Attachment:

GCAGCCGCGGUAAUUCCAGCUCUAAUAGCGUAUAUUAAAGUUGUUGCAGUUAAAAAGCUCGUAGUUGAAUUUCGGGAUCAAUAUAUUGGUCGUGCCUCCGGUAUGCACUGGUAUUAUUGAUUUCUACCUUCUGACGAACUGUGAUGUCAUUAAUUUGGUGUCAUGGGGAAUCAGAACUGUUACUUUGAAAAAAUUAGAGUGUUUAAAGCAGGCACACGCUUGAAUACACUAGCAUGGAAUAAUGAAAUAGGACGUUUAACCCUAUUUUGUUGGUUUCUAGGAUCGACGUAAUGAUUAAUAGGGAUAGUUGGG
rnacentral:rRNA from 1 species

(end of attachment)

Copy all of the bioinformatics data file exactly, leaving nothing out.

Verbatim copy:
GCAGCCGCGGUAAUUCCAGCUCUAAUAGCGUAUAUUAAAGUUGUUGCAGUUAAAAAGCUCGUAGUUGAAUUUCGGGAUCAAUAUAUUGGUCGUGCCUCCGGUAUGCACUGGUAUUAUUGAUUUCUACCUUCUGACGAACUGUGAUGUCAUUAAUUUGGUGUCAUGGGGAAUCAGAACUGUUACUUUGAAAAAAUUAGAGUGUUUAAAGCAGGCACACGCUUGAAUACACUAGCAUGGAAUAAUGAAAUAGGACGUUUAACCCUAUUUUGUUGGUUUCUAGGAUCGACGUAAUGAUUAAUAGGGAUAGUUGGG
rnacentral:rRNA from 1 species